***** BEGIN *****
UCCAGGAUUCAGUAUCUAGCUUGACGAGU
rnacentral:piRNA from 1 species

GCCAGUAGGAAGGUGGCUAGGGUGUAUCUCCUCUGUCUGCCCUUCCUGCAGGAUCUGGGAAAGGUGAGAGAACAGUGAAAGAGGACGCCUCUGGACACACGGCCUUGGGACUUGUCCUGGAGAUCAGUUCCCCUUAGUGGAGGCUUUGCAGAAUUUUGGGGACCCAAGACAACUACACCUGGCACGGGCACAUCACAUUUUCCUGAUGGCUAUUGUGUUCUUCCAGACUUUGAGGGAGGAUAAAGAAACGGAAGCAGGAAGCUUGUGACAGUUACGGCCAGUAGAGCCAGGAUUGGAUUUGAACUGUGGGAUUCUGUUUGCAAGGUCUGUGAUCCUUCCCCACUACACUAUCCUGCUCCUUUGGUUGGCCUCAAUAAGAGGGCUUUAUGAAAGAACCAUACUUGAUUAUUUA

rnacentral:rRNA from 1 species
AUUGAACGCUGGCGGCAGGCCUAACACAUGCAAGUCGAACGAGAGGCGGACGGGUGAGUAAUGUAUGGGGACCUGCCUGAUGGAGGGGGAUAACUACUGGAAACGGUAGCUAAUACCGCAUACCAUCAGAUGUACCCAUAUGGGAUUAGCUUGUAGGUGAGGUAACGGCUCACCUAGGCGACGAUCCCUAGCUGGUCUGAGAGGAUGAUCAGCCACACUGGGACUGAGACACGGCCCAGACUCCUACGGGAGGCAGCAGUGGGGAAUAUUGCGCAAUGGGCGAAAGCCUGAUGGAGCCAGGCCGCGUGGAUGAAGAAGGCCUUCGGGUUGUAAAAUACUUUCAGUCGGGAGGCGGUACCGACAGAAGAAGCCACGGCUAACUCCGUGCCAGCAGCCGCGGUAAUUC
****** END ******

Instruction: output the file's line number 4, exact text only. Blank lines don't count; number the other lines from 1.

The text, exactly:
rnacentral:rRNA from 1 species